bethlehem

Hotel Bethlehem takes guests to Gatsby era

Written for MyCentralJersey.com on 3/16/17

In today’s world full of crisp, black and white modernity, people are relishing speakeasy-style venues — equipped with jazz music, secret doors and vintage attire — more than ever before.

Although many bars and restaurants have dressed themselves up to be of the 1920s Great Gatsby era, Hotel Bethlehem, a historic hotel in downtown Bethlehem, Pennsylvania, is the real deal — and they are celebrating the era through a slew of Roaring ’20s events throughout April.

The month’s events will culminate on Friday, April 28 with the hotel’s second annual Roaring ’20s Ball, where guests are invited to dress in a ’20s theme to enjoy a four-course dinner prepared by Chef Michael Adams with a cocktail hour and open bar from 6 to 11 p.m. in the hotel’s Grand Ballroom while they listen and dance to the Hot Club of Philadelphia, a well-known jazz band, and watch the MagnoliaSadies, known for their authentic performances of ‘20s-style dancing.

April’s 1920s-themed events at Hotel Bethlehem will culminate with the second annual Roaring ’20s Ball on Friday, April 28. (Courtesy of Hotel Bethlehem)

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Gambling and more an hour away at Sands

Atlantic City may be a hike for people living in North and Central Jersey, but when it’s time for some weekend gambling, they pack up the car and venture for what can be an almost three-hour drive.

However, there is a much closer alternative for those looking for a weekend away — Sands Bethlehem, a gambling, shopping, dining and entertainment venue about an hour away from Somerset County.

“Sands Bethlehem offers the amenities and features guests look for in a gaming destination but in a closer drive from home,” said Mark Juliano, president of Sands Bethlehem.

Courtesy of Sands Bethlehem

Courtesy of Sands Bethlehem

Eight million people visit Sands Bethlehem every year, with about 90 percent of them staying overnight in its hotel. These guests play at 3,000 slot machines and 200 table games, including in a 30-table poker room.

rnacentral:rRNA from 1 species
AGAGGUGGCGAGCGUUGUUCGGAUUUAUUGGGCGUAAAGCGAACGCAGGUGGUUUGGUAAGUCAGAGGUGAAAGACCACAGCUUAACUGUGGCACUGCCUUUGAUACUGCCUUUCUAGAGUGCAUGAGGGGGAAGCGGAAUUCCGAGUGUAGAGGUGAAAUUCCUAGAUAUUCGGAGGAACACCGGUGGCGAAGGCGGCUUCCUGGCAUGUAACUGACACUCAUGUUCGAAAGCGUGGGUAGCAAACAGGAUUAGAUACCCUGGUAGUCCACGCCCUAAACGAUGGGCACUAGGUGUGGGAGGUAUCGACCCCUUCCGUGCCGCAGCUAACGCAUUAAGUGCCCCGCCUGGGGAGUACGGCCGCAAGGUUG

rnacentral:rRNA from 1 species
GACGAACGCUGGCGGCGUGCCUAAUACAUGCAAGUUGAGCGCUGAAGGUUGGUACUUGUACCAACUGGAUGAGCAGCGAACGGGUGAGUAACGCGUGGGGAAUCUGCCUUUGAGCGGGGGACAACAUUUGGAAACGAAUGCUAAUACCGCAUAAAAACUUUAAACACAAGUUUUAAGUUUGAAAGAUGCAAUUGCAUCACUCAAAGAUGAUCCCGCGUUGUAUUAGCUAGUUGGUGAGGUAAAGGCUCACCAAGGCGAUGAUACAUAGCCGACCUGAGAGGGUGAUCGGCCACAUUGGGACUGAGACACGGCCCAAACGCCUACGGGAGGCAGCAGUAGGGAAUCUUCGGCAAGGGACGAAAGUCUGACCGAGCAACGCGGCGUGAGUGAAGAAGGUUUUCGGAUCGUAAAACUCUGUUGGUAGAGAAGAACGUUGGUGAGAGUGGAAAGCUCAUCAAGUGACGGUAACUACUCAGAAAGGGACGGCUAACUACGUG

Aside from gambling, visitors can head to Sands’ 10 dining options, including three signature restaurants from celebrity chef Emeril Lagasse, as well as the newly announced Buddy V’s of TLC’s “Cake Boss.”

Plus, after dinner, they can go to the various nightlife venues in Sands, including Molten Lounge, which offers free live entertainment seven nights a week. The Vision Bar, also in Sands, has bottle service and DJs on Friday and Saturday nights, and guests can also head to the Sands Bethlehem Events Center to check out performers, comedians and sporting events.

Courtesy of Sands Bethlehem

Courtesy of Sands Bethlehem

“Between the gambling, entertainment, shopping and kids activities, there is something for every member of the family without having to leave the property,” said Juliano.

Outside of Sands Bethlehem, guests frequently head to the nearby Allentown Art Museum, the Crayola Experience, Dorney Park and Wildwater Kingdom, the Lehigh Valley Zoo or they check out the minor-league Lehigh Valley Iron Pigs (baseball) or Lehigh Valley Phantoms (hockey).

During Christmastime in Bethlehem, walking tours, a nighttime bus tour and carriage rides are also available to visitors, as well as Christkindlmarkt on the SteelStacks and Christmas City Village, large outdoor holiday markets.

Courtesy of Sands Bethlehem

Courtesy of Sands Bethlehem

Sands Bethlehem also plays a huge role in the area itself as it is the cornerstone of the redevelopment of what once was among the largest brownfield areas in the country.

“The resort has generated significant traffic and has exposed many visitors to Bethlehem and the greater Lehigh Valley area,” said Michael Stershic, president of Discover Lehigh Valley. “Also, because of the tax revenue it has generated, it has helped support the infrastructure needed to support projects like the SteelStacks campus and the Hoover-Mason Trestle, a visitor center, public restrooms and more.”

Visitors will notice that Sands Bethlehem has a distinct look involving a combination of exposed steel and brick exterior, appearing as a mill building. This is no accident, as the venue works to preserve the legendary Bethlehem Steel Company that was formerly housed on its property. Bethelem Steel opened its doors in 1857 and produced much of the equipment used by the United States armed forces in World War I and World War II. The company closed in 1995.

Courtesy of Sands Bethlehem

Courtesy of Sands Bethlehem

In 2007, Sands Bethlehem purchased the 126-acre property and remediated it while also preserving many of the historic Bethlehem Steel plant structures.

Artwork from Bethlehem Steel headquarters is throughout the complex, as well as photographs and engineering drawings from the steel-making process.

Because of Sands Bethlehem’s presence in the community since 2009, the area has seen an increase in tourism and it is the largest visitor attraction, followed by Dorney Park and Wildwater Kingdom. Nearby hotels have also seen an increase in demand, occupancy and rates.

“Where else can you gamble, eat good food and see blast furnaces up close and personal, all in the birthplace of the American industrial revolution?” said Stershic. “I don’t believe these stories all in one place are available in Atlantic City, or anywhere else for that matter.”

Courtesy of Sands Bethlehem

Courtesy of Sands Bethlehem

Sands Bethlehem

Where: 77 Sands Blvd, Bethlehem (about one hour from Somerset County)

Rates: Starting at $149 a night until Dec. 31.

Contact: Call 484-777-7777 or visit pasands.com